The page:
DMX To Make Christian Rap (Briefly) Interesting
There are few musical genres less immediately fascinating than Christian rap. Sure, two or three people might wax nostalgic for the 1990 S.F.C. (Soldiers For Christ, obvs) release A Saved Man In The Jungle, but since DC Talk dissolved, there hasn’t been much reason to pay attention to a genre whose reason for existence is dubious, at best. So DMX, I just want to take this moment publicly to thank you for bringing your unique brand of insanity to Team Jesus.
The “prayer track” on DMX’s albums were a topic of a significant amount of discussion, back when people cared, with their odd religious turn, especially immediately following songs entitled “We Don’t Give A F**k”. But, it was a rough 2007 for DMX, with a few arrests and some label drama, so the logical career move would clearly be a “long” double album, featuring an entire disc of “real talk” about Jesus.
“I [was] the first n—a to put out two albums in one year [It's Dark and Hell Is Hot and Flesh of My Flesh, Blood of My Blood in 1998], now I’m gonna hit ‘em again — drop two albums on the same f—in’ day, yo,” X said from his home in Arizona on Friday. “A double album will make mutha—-as mad, because they gotta spend more money — plus it’s already a long [double] album. I’m talking about a hip-hop album and a gospel album.”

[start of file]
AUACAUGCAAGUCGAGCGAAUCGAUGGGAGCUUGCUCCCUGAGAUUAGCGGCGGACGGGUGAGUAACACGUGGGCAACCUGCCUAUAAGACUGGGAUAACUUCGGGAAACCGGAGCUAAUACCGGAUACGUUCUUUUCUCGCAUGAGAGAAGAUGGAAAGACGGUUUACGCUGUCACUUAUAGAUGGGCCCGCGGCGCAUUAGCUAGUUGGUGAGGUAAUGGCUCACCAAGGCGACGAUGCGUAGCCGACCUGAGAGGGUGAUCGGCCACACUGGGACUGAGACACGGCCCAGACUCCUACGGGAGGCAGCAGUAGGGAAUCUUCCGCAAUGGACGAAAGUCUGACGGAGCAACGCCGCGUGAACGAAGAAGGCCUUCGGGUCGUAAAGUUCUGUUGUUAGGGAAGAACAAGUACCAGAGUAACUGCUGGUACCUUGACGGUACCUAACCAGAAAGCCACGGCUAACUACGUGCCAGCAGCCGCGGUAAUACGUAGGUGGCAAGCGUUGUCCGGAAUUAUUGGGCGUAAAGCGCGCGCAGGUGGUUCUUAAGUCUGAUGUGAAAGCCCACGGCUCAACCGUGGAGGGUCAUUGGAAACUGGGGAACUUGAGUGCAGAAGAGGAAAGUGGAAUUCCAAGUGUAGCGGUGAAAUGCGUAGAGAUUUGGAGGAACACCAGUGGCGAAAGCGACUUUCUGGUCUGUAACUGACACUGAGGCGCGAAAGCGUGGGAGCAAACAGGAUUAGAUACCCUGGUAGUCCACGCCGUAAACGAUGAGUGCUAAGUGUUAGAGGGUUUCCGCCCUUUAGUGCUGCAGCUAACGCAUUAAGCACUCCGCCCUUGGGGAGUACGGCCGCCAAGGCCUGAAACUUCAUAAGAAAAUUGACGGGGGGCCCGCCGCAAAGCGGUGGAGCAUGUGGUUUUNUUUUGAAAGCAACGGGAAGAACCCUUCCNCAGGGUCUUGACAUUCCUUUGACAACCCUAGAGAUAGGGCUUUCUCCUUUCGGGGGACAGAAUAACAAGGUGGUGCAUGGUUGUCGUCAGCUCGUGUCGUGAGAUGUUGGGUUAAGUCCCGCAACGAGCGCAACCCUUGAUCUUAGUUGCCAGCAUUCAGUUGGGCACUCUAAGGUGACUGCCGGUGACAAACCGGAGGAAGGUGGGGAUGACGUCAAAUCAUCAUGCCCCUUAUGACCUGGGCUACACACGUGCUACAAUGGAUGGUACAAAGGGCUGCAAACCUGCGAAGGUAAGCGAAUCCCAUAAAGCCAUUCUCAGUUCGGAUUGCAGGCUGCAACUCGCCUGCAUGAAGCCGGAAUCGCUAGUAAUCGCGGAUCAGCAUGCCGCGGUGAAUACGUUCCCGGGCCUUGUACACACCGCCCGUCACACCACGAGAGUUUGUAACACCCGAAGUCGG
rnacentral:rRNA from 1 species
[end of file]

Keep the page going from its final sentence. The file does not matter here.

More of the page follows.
Combined, the project will be called Walk With Me Now and You’ll Fly With Me Later…
The Walk With Me Now portion will be dedicated to straight-up, raw raps, while the latter will feature his non-secular undertaking.
As for the gospel album, X noted that the lyrics will be “without cursing — how ’bout that one? No songs about b—-es, no songs about robbing, just straight ‘Give God the glory.'”
While I realize that I’m treading on thin intellectual ice criticizing the marketing decisions of the staff of DMX’s new label/online gambling/mixed martial arts enterprise, Bodog Music, you have to wonder if packaging these albums together is the best sales move. The odd preaching might have been tolerable or even amusing as one skippable track on one of his string of number one debuts, but someone forgot to hand DMX the popular guide “How To Resurrect Your Music Career With The Help Of Jesus”, or he forgot to read it. Part of the deal is that the Christian market expects you to stop doing tracks that are about “b—-es” or “robbing” alongside your full-list price praise, and it might help to stop referring to your potential customers as “mutha—-as”. Just a hint, dog.
Until DMX gets his act/somewhat depressing career move sorted out, the CCM rap market will have to settle for white dudes rapping about Mountain Dew.